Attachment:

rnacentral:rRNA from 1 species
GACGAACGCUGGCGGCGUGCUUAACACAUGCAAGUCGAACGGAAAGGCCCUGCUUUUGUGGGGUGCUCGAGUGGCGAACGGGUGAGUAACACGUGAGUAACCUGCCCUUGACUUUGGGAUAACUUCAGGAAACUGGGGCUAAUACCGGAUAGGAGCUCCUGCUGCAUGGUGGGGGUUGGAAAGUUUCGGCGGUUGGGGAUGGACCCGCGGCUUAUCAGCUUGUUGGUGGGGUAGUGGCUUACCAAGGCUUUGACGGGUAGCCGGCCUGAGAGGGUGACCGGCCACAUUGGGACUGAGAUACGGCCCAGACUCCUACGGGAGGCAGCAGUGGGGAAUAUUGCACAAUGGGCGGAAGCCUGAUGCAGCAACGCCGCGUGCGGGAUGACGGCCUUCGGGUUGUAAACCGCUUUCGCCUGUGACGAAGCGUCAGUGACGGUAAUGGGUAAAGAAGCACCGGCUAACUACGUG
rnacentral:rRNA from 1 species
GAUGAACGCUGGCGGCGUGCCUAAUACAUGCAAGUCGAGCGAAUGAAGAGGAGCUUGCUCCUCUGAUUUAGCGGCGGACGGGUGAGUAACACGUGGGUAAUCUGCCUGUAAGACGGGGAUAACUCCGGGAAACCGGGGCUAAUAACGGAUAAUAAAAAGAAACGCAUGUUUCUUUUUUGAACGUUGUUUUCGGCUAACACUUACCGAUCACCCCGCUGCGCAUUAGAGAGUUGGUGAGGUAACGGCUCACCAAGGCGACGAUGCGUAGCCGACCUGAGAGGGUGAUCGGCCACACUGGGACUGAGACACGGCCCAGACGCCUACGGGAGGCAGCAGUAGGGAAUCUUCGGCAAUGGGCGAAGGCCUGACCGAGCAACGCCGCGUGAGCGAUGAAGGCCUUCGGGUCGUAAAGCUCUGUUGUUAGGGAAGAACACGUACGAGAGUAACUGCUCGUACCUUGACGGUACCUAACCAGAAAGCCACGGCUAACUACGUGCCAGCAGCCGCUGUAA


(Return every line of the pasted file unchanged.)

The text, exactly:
rnacentral:rRNA from 1 species
GACGAACGCUGGCGGCGUGCUUAACACAUGCAAGUCGAACGGAAAGGCCCUGCUUUUGUGGGGUGCUCGAGUGGCGAACGGGUGAGUAACACGUGAGUAACCUGCCCUUGACUUUGGGAUAACUUCAGGAAACUGGGGCUAAUACCGGAUAGGAGCUCCUGCUGCAUGGUGGGGGUUGGAAAGUUUCGGCGGUUGGGGAUGGACCCGCGGCUUAUCAGCUUGUUGGUGGGGUAGUGGCUUACCAAGGCUUUGACGGGUAGCCGGCCUGAGAGGGUGACCGGCCACAUUGGGACUGAGAUACGGCCCAGACUCCUACGGGAGGCAGCAGUGGGGAAUAUUGCACAAUGGGCGGAAGCCUGAUGCAGCAACGCCGCGUGCGGGAUGACGGCCUUCGGGUUGUAAACCGCUUUCGCCUGUGACGAAGCGUCAGUGACGGUAAUGGGUAAAGAAGCACCGGCUAACUACGUG
rnacentral:rRNA from 1 species
GAUGAACGCUGGCGGCGUGCCUAAUACAUGCAAGUCGAGCGAAUGAAGAGGAGCUUGCUCCUCUGAUUUAGCGGCGGACGGGUGAGUAACACGUGGGUAAUCUGCCUGUAAGACGGGGAUAACUCCGGGAAACCGGGGCUAAUAACGGAUAAUAAAAAGAAACGCAUGUUUCUUUUUUGAACGUUGUUUUCGGCUAACACUUACCGAUCACCCCGCUGCGCAUUAGAGAGUUGGUGAGGUAACGGCUCACCAAGGCGACGAUGCGUAGCCGACCUGAGAGGGUGAUCGGCCACACUGGGACUGAGACACGGCCCAGACGCCUACGGGAGGCAGCAGUAGGGAAUCUUCGGCAAUGGGCGAAGGCCUGACCGAGCAACGCCGCGUGAGCGAUGAAGGCCUUCGGGUCGUAAAGCUCUGUUGUUAGGGAAGAACACGUACGAGAGUAACUGCUCGUACCUUGACGGUACCUAACCAGAAAGCCACGGCUAACUACGUGCCAGCAGCCGCUGUAA